Consumer Liberation

Consumer Liberation – Fiction or Fantasy?

Globally ad agencies have long stood faithful to the view that “sex sells.” And frankly, it does. Carl’s Junior Burger lovers everywhere will attest that after seeing Paris Hilton scantily clad washing a car while tucking into a cheeseburger, the cholesterol forming artery clogging sandwich took on a whole new sexier appeal, despite its ill effects.

Whilst gawking at the locked threshold to Bosch’s Garden of Earthly Delights, creative directors in the Arab world have often pushed their culturally acceptable limits to promote products endorsed by the regions less conservative icons – think Haifa Wahaby, Nancy Ajram, etc.

Today, however, something interesting is happening with the way that creative’s in and outside of the Arab World are coalescing sexual appeal and products, reflecting the more conservative tastes attune for local consumption.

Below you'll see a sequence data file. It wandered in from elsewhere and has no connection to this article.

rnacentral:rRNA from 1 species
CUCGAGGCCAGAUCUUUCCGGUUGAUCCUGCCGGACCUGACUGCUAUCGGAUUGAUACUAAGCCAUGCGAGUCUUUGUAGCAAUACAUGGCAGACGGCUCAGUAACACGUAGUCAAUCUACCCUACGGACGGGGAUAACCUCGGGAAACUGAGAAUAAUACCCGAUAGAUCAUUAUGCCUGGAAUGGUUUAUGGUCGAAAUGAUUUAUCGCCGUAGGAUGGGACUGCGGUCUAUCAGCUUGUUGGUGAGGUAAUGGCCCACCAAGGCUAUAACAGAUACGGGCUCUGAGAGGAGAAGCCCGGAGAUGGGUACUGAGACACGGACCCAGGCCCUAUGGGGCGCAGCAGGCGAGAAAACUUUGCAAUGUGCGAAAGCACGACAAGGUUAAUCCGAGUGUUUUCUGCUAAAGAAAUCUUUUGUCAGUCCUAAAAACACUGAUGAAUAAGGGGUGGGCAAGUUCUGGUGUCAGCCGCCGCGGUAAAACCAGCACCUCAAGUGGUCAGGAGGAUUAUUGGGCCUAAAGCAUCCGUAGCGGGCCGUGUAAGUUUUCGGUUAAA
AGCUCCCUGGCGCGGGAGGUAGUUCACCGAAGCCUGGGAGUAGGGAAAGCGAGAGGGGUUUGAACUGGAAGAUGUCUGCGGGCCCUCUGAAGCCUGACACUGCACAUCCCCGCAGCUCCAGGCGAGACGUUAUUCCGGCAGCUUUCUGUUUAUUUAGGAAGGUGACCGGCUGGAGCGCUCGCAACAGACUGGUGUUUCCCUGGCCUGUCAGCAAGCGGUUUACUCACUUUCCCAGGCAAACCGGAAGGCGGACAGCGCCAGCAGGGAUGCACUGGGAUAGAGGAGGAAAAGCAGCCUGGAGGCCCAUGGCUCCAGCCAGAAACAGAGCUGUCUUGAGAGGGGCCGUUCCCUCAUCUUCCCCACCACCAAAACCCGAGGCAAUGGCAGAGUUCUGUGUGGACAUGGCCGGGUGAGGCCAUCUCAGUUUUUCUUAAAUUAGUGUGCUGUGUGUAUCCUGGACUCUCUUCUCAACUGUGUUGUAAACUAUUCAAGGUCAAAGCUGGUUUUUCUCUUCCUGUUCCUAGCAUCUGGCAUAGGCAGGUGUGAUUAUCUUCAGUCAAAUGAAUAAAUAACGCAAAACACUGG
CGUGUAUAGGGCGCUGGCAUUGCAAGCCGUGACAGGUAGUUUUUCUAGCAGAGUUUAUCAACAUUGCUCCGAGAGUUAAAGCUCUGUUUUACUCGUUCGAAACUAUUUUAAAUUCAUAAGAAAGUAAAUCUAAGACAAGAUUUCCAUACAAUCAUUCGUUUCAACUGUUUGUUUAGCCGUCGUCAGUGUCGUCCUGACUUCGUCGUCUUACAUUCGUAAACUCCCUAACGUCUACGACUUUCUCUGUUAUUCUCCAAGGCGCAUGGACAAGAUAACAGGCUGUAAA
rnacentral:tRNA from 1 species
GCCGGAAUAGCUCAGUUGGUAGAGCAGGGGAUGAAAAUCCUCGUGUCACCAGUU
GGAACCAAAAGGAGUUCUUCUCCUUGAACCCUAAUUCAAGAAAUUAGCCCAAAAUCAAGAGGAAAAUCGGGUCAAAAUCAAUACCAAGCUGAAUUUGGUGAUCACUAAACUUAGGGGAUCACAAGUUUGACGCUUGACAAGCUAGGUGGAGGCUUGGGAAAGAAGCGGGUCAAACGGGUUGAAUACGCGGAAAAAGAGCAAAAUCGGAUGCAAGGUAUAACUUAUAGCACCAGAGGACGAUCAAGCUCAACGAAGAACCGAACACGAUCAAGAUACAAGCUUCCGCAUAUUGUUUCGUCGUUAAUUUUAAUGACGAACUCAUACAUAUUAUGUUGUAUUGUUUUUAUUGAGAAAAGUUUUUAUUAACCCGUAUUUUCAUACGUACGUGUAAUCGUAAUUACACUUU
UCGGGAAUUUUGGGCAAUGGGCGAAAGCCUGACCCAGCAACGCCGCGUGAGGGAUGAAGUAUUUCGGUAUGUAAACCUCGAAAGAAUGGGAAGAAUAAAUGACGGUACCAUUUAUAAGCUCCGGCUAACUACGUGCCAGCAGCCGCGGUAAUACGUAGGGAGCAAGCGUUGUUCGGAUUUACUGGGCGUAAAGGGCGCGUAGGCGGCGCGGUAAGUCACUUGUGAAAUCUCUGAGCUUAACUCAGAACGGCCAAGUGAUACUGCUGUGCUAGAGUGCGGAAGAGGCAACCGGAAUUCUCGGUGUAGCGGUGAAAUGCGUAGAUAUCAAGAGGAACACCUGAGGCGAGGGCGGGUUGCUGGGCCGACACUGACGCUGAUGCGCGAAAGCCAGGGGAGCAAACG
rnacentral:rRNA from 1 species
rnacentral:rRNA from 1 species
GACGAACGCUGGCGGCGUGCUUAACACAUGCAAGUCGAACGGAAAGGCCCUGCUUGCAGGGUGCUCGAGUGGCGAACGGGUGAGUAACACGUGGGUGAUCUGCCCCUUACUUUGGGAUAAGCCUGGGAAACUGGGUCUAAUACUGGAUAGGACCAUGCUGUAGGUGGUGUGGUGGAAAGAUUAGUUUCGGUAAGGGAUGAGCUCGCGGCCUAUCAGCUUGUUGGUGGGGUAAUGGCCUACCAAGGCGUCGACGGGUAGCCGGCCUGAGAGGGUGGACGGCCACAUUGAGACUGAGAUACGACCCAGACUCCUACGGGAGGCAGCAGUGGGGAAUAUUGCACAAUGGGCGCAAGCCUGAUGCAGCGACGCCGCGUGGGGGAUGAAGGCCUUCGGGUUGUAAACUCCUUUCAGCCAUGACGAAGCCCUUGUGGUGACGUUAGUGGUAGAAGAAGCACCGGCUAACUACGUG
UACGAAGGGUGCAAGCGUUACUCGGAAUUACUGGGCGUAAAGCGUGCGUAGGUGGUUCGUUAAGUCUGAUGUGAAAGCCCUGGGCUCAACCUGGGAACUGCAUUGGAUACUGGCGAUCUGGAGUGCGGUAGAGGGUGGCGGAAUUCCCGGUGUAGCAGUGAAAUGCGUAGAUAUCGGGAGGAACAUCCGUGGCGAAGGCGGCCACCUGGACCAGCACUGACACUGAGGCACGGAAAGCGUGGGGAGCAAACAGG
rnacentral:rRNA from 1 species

French photographer, Jean Baptiste Mondino, always tells a compelling story through his sexified avant-garde images. Jean Baptist transposed his story telling flair southward to depict an image of a conservative Arab women in his own special risqué way. The result was a futuristic seeming landscape of completely covered women wearing the niqab clutching the latest handbags.

I’m not entirely certain that the images portray the sexy version of an outwardly conservative woman, but shortfalls are compensated with allure. Kohl lined eyes draw the gazer in, while another dark sheered silhouette strides across the page. Yet, the most interesting of these spreads, are the grouped women clutching bags. This ad seems to have shifted the paradigm of selling products through sex, to selling products through liberation. The idea of constraint, being covered and being protected is juxtaposed against the idea of feeling stylish and free through possession – rather than being.

However you may interpret these images, whether positively or negatively, we can agree on a commonality – the images are engrossing. Peculiar – certainly; sexy – the reviews vary; creative – absolutely.

Whereas other cultures have raked in millions by associating products to, say, the libido, the Arab ad industry has paved new ground reinterpreting the science of appeal by raising claim that we don’t just want to look sexy, but we want to be free too – or at least feel as though we are.

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